Extremely close friendships queer the lines between “philia” (the love between friends), “pragma” (longstanding, abiding love), and “eros,” (sexual love). Perhaps one way it is clear that Lisicky’s friendship with Denise exists in its own space is that, despite their extreme closeness, he has a difficult time coming out to her as gay. He does so through their shared language of fiction, of support for each other’s work, of letting the work not only speak for itself but also to each other. In this way, Lisicky’s memoir, which weaves a web of writers socially and sexually, reads poignantly (and also somewhat soap-operatically, in that engrossing sort of way) for writers.
Both Denise and Lisicky experience success as writers. Both fall for “Famous Writers” (she for John Irving and he for Mark Doty). Both navigate academia and the tiresome business of writing professionally. Lisicky, however, seems to weather things better, to have less pronounced variances between highs and lows. Take their relationships with their respective Famous Writers: Denise’s just seems strange, pining for Irving while holding up an issue of Time with his face on it. You never get the feeling that there’s a lot of potential for something sustainable. Lisicky, on the other hand, has a fifteen-plus-year relationship with M, whom he calls “Beloved” even when their relationship has clearly reached its end.
The notion of window-as-mirror is particularly apt for a discussion of Lisicky’s relationship with M. They look alike. They’re both writers. They spend enough years together so that the two functionally become one. The degree of sameness that they experience together makes their relationship’s unraveling that much more difficult. At one point, M has to tell Lisicky that their breakup will take longer than one night.
Lisicky draws comparisons between himself and M. And it’s nearly impossible not to draw comparisons between The Narrow Door and Doty’s 1997 memoir Heaven’s Coast, which charts Doty’s partner Wally’s death from AIDS-related complications. Wally plays a spectral role in the relationship between Lisicky and Doty. In terms of the two memoirs, though, both are (to varying degrees) elegiac: Doty’s, while ostensibly for Wally, reaches to mourn a generation lost to AIDS. Lisicky’s relationship with Denise is so complex that his elegizing is equally intricate and not fully resolved. Lynda Hull, a writer with whom Doty is close, is a powerful presence in Heaven’s Coast and runs parallel to Denise in The Narrow Door. There’s also the endearing, abiding presence of dogs in both books, especially as the nature of the human landscape around them is precarious. And, finally, there’s the language: both books are undeniably beautiful, linguistically rich. Doty is known as a poet primarily, Lisicky as a writer of prose. But The Narrow Door is witness to the fact that Lisicky’s sense of rhythm on the page is every bit as good as someone who thinks in stanzas and thought-breaths. He does, after all, send Doty lines from Whitman’s Song of Myself when they break up.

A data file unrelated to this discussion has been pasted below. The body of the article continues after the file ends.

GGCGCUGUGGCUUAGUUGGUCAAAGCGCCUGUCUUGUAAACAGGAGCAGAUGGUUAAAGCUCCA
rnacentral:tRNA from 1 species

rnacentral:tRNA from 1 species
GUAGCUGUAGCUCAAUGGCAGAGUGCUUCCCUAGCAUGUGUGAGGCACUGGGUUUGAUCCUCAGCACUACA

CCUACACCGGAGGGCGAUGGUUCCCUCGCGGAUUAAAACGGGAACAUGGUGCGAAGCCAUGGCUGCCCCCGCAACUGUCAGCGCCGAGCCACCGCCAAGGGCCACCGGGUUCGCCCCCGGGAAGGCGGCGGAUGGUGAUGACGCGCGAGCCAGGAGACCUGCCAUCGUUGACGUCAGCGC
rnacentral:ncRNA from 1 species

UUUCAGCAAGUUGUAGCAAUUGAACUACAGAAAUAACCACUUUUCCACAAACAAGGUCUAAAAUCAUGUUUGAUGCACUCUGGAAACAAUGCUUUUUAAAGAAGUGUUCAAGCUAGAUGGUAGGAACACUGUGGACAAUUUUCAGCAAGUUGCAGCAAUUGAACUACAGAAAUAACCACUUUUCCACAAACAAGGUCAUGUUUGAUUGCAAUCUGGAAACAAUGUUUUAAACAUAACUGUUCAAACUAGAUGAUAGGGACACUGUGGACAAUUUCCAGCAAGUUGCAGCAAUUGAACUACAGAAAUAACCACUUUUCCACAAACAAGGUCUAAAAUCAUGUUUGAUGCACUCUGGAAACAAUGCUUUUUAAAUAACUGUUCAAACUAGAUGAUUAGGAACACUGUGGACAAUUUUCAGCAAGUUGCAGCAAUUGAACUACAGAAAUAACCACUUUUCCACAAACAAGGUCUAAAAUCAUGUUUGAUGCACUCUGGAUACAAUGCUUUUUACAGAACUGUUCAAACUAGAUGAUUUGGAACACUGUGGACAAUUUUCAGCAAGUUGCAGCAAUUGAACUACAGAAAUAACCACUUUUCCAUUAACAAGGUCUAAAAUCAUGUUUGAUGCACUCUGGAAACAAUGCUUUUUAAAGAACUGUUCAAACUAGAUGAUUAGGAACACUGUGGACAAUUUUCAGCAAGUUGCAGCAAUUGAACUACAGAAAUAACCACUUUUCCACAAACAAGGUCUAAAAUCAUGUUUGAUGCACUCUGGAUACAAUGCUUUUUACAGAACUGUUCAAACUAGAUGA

Excellent books leave us with more questions than answers, linguistic resonance like the reverberating sounds in a concert hall immediately after the orchestra plays the last note. They stay with us, and we talk about them, and we think about them, and we talk about them some more. The window of Lisicky’s book becomes a mirror for us, and we have to decide what to do with what we see.
DOUGLAS RAY is author of He Will Laugh, a collection of poems, and editor of The Queer South: LGBTQ Writers on the American South, which was a finalist for Lambda Literary Award. He earned his BA in classics and English and his MFA in creative writing from The University of Mississippi. He teaches English at Western Reserve Academy, a boarding school in Hudson, Ohio.
The Narrow Door: A Memoir of Friendship, by Paul Lisicky. Graywolf, 2016